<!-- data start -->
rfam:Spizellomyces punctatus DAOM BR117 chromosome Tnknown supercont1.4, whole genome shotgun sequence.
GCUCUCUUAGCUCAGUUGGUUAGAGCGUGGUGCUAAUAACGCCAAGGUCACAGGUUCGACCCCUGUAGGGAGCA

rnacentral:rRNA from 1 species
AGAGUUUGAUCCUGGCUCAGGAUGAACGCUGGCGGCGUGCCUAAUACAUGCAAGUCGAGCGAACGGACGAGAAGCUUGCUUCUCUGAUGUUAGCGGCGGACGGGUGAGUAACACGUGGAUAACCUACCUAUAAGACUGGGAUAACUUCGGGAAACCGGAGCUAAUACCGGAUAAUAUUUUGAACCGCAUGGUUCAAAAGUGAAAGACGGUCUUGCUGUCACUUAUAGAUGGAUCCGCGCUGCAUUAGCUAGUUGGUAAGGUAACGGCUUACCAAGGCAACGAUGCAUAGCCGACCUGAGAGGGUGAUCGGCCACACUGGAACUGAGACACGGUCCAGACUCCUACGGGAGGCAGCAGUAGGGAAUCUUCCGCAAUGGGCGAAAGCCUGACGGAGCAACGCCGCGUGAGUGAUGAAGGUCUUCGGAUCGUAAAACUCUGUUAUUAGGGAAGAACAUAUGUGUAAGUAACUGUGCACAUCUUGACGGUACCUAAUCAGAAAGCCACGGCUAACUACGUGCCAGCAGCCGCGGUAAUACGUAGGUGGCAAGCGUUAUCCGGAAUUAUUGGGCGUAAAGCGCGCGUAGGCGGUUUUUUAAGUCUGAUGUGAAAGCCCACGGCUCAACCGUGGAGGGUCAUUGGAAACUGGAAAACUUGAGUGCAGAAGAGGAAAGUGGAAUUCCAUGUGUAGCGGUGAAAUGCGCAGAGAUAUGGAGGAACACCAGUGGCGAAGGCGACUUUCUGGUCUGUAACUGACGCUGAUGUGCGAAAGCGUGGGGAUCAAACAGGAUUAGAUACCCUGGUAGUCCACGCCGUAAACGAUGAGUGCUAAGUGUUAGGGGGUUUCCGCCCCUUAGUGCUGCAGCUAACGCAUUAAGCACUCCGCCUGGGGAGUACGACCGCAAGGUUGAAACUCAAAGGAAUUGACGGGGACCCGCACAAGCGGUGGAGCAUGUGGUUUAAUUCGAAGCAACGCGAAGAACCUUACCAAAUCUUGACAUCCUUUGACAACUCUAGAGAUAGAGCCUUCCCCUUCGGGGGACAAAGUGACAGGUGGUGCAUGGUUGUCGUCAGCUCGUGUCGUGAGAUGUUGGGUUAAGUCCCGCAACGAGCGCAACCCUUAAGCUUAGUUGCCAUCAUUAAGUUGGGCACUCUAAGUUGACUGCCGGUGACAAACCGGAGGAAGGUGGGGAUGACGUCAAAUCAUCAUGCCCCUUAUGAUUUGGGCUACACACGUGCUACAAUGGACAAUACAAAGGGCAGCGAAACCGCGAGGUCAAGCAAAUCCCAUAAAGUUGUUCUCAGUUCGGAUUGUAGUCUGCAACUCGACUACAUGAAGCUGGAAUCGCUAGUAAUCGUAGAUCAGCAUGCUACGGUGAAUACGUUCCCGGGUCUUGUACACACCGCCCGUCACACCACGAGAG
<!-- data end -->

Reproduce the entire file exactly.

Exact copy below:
rfam:Spizellomyces punctatus DAOM BR117 chromosome Tnknown supercont1.4, whole genome shotgun sequence.
GCUCUCUUAGCUCAGUUGGUUAGAGCGUGGUGCUAAUAACGCCAAGGUCACAGGUUCGACCCCUGUAGGGAGCA

rnacentral:rRNA from 1 species
AGAGUUUGAUCCUGGCUCAGGAUGAACGCUGGCGGCGUGCCUAAUACAUGCAAGUCGAGCGAACGGACGAGAAGCUUGCUUCUCUGAUGUUAGCGGCGGACGGGUGAGUAACACGUGGAUAACCUACCUAUAAGACUGGGAUAACUUCGGGAAACCGGAGCUAAUACCGGAUAAUAUUUUGAACCGCAUGGUUCAAAAGUGAAAGACGGUCUUGCUGUCACUUAUAGAUGGAUCCGCGCUGCAUUAGCUAGUUGGUAAGGUAACGGCUUACCAAGGCAACGAUGCAUAGCCGACCUGAGAGGGUGAUCGGCCACACUGGAACUGAGACACGGUCCAGACUCCUACGGGAGGCAGCAGUAGGGAAUCUUCCGCAAUGGGCGAAAGCCUGACGGAGCAACGCCGCGUGAGUGAUGAAGGUCUUCGGAUCGUAAAACUCUGUUAUUAGGGAAGAACAUAUGUGUAAGUAACUGUGCACAUCUUGACGGUACCUAAUCAGAAAGCCACGGCUAACUACGUGCCAGCAGCCGCGGUAAUACGUAGGUGGCAAGCGUUAUCCGGAAUUAUUGGGCGUAAAGCGCGCGUAGGCGGUUUUUUAAGUCUGAUGUGAAAGCCCACGGCUCAACCGUGGAGGGUCAUUGGAAACUGGAAAACUUGAGUGCAGAAGAGGAAAGUGGAAUUCCAUGUGUAGCGGUGAAAUGCGCAGAGAUAUGGAGGAACACCAGUGGCGAAGGCGACUUUCUGGUCUGUAACUGACGCUGAUGUGCGAAAGCGUGGGGAUCAAACAGGAUUAGAUACCCUGGUAGUCCACGCCGUAAACGAUGAGUGCUAAGUGUUAGGGGGUUUCCGCCCCUUAGUGCUGCAGCUAACGCAUUAAGCACUCCGCCUGGGGAGUACGACCGCAAGGUUGAAACUCAAAGGAAUUGACGGGGACCCGCACAAGCGGUGGAGCAUGUGGUUUAAUUCGAAGCAACGCGAAGAACCUUACCAAAUCUUGACAUCCUUUGACAACUCUAGAGAUAGAGCCUUCCCCUUCGGGGGACAAAGUGACAGGUGGUGCAUGGUUGUCGUCAGCUCGUGUCGUGAGAUGUUGGGUUAAGUCCCGCAACGAGCGCAACCCUUAAGCUUAGUUGCCAUCAUUAAGUUGGGCACUCUAAGUUGACUGCCGGUGACAAACCGGAGGAAGGUGGGGAUGACGUCAAAUCAUCAUGCCCCUUAUGAUUUGGGCUACACACGUGCUACAAUGGACAAUACAAAGGGCAGCGAAACCGCGAGGUCAAGCAAAUCCCAUAAAGUUGUUCUCAGUUCGGAUUGUAGUCUGCAACUCGACUACAUGAAGCUGGAAUCGCUAGUAAUCGUAGAUCAGCAUGCUACGGUGAAUACGUUCCCGGGUCUUGUACACACCGCCCGUCACACCACGAGAG